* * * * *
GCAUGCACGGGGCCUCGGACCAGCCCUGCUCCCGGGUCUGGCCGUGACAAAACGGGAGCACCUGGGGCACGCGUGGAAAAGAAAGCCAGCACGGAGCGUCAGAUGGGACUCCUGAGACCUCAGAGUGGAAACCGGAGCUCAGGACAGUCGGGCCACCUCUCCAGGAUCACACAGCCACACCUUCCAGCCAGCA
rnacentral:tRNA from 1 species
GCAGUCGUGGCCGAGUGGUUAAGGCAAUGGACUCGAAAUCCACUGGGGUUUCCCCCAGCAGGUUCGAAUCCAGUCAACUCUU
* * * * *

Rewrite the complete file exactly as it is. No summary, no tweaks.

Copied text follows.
GCAUGCACGGGGCCUCGGACCAGCCCUGCUCCCGGGUCUGGCCGUGACAAAACGGGAGCACCUGGGGCACGCGUGGAAAAGAAAGCCAGCACGGAGCGUCAGAUGGGACUCCUGAGACCUCAGAGUGGAAACCGGAGCUCAGGACAGUCGGGCCACCUCUCCAGGAUCACACAGCCACACCUUCCAGCCAGCA
rnacentral:tRNA from 1 species
GCAGUCGUGGCCGAGUGGUUAAGGCAAUGGACUCGAAAUCCACUGGGGUUUCCCCCAGCAGGUUCGAAUCCAGUCAACUCUU